Even though I am not an historian of music

This morning in church, the song leader gave a short story about how the next hymn was commissioned especially for the book, a brief picture of what the author was trying to say, how the harmony part seems to come in a bit later.

Times like this is what I appreciate about this particular congregation and how much thought and care go into an experience for worship.

Call me old-fashioned, (a label I wear proudly) but I think a church rich with history is in a good position to help with education.  Having the song leader ad lib a bit about a writer adds quality.  Holding a hymnbook and having the music notes pointed out along the page is helpful, even though I don’t actually “read” sheet music, I know about the lines and spaces and how many beats to hold my breath.  In my youth, I participated in choirs.

This brought to mind my experience for the Sunday morning church service over Memorial Day weekend in my home town.  My brother-in-law told me outright that he prefers the first service at 8am because it is a bit more old style, and they do use the hymnbooks.

However, my mother and youngest sister go to the main service at 10am.
Because of my visit, we all went to the second service.
Later, folks would tell my mom that it looked good to have so many of her family sitting together in the pew.

The latter service has what is commonly known as a Praise Band.  The members play drums, a baby grand piano, guitar, bass, drums.  I have to say drums twice because that is pretty much what I heard most.

The words to the songs are projected up on a screen at the front of the auditorium.  It looked like light gray letters on a dark gray background.
Since I need new glasses, I couldn’t make out some of the words if the lettering font wasn’t crisp and clean.

The song leader was a girl in late adolescence.  That a female was on stage was one step in a modern direction, because when I was growing up there, women did not lead, nor read for any part of, the services.  Although the organist was often a woman.

This was all fine for the regular attendees, those who know the tunes and apparently sing them often.  I did know the words to the patriotic songs, done in honor of the holiday.

However, being unable to read many of the words from that distance, not being able to see sheet music to guess the next note, having a leader who didn’t conduct very well,  uumm, I didn’t sing much during the service.

The praise band didn’t seem to mind.
It kept the beat going even when the song leader missed a cue.

The girl cat is between me and the screen.

Must open can of food.

Now where was I?

Oh yeah, talking about helps and hindrances for song in church services.

Now my mind is all ajumbled, so I will just say that I appreciated the music of today’s service.
We even sang all together for a prayer to begin the luncheon.

And I am humming a tune as I load the dishwasher.

~~love and Huggs, Diane

The kiss of the sun for pardon,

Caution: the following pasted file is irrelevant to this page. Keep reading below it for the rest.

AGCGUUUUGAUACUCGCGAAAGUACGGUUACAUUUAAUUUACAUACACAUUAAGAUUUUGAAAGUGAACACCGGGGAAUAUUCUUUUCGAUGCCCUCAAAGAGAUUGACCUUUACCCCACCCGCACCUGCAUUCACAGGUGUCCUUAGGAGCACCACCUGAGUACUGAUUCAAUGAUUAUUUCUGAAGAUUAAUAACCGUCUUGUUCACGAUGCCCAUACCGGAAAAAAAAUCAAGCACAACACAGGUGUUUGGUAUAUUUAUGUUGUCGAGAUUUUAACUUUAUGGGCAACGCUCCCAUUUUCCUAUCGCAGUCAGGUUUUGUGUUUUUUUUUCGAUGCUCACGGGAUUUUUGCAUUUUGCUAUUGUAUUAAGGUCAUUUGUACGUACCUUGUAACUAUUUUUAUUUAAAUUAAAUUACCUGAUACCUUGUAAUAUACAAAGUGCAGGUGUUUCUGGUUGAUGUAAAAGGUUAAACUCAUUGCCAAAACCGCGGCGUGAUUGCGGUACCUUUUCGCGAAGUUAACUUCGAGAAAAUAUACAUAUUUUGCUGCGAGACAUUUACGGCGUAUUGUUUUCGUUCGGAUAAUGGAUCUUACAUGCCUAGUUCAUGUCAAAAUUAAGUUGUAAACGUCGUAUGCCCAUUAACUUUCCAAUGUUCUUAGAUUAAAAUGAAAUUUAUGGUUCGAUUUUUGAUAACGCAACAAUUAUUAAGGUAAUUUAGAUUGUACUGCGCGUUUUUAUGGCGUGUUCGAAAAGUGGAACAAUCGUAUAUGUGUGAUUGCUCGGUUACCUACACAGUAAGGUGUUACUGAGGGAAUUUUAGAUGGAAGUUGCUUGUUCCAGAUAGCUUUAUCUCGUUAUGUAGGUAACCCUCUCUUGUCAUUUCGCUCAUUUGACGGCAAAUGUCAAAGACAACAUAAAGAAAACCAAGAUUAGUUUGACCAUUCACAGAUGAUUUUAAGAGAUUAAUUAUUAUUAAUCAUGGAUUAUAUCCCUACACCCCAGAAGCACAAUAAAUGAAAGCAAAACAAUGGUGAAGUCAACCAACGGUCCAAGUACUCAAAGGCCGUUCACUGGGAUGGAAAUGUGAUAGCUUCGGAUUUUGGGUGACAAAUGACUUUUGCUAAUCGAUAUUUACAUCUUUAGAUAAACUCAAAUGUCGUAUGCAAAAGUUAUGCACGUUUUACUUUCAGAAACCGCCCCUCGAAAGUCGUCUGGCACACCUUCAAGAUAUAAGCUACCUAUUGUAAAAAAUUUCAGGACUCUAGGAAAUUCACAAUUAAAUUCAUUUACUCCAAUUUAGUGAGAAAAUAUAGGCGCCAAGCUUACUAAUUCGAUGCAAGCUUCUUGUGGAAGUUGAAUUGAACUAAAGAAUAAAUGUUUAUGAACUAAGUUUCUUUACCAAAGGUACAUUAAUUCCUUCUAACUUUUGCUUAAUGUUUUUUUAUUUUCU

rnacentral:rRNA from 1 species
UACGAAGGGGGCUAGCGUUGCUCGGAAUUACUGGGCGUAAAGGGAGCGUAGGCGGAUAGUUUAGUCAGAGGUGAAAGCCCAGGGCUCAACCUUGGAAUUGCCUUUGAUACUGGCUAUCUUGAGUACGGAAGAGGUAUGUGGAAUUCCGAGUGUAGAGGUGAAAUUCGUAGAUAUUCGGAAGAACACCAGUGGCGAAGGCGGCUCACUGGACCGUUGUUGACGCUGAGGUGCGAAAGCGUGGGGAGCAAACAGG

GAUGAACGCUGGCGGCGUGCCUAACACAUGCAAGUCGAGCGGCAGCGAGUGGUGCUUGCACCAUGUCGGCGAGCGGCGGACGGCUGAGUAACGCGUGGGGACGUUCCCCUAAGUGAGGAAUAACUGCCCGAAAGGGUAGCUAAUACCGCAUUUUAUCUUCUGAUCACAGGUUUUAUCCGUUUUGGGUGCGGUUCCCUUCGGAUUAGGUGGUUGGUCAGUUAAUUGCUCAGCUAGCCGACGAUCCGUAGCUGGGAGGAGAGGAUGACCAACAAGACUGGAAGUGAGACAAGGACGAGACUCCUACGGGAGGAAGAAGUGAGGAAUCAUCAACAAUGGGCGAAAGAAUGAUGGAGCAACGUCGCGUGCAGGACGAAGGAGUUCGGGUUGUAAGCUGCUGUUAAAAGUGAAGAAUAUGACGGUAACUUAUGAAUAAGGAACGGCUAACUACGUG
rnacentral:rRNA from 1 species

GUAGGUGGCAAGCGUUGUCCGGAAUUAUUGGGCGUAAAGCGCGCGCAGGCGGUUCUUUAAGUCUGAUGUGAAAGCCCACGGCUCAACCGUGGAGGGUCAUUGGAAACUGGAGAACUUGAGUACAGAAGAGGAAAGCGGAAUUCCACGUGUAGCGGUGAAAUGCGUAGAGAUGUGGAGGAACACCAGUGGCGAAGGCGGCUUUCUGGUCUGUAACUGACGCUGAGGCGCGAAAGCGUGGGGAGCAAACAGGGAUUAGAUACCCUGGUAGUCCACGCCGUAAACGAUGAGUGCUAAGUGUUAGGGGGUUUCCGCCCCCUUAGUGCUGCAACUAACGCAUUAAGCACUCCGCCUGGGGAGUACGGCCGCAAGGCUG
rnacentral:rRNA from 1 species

The song of the birds for mirth,
One is nearer God’s heart in a garden
Than anywhere else on earth.

~~Dorothy Frances Gurney  “Garden Thoughts”

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4 Responses to Even though I am not an historian of music

  1. George says:

    Before the distraction by the cat, you were going to post something about how women are second-class citizens there, but the pastors’ wives contributed something the pastors could not. But I will leave that punch line to you – it deserves a post of its own.

  2. Sharkey says:

    Maybe you intended to continue and talk about women in the church, but I think you have plenty of content in this post.

    We don’t often think about it, but one of the best things about the old hymns is how they connect us to other worshipers through the ages. Those who came hundreds of years before us sang some of the same hymns that we sing today. I think that’s one of the things we’re losing as more and more churches incorporate praise bands. More people are going to the contemporary services, and I think we’re losing that sense of history. Our pastor is aware of it, and even the contemporary folks have to sing “A Mighty Fortress is Our God” every now and then. He says he isn’t doing his job if kids “graduate” from the congregation without learning that hymn.

    The ELCA released a new worship book/hymnal in the last year or so, and even the traditional hymns have been “dumbed down.” Instead of showing the four-part harmony, it’s just the simple melody line. Even the current hymnal is dumbed down from the previous one. I think it reflects how music technology and society have progressed over time. Years ago, if you wanted music, you got together with your friends and family and made it yourselves. Now when people want music, they just plug in their iPods.

    Okay, okay–enough of the soapbox! Good post, Diane!

  3. Count me in with the traditional services as well. I don’t care much for the praise bands and such. I like piano and the old songs. I don’t even particularly care for an organ in song service. Seems too much like funeral music to me.

    And I’m Southern Baptist, by the way.

    Hope your new week is blessed and that you’re enjoying your Summer off work, Diane. 🙂

    Love and hugs,

    The Other Diane

  4. momma says:

    George has me curious now what is the thing pastors’ wives contribute?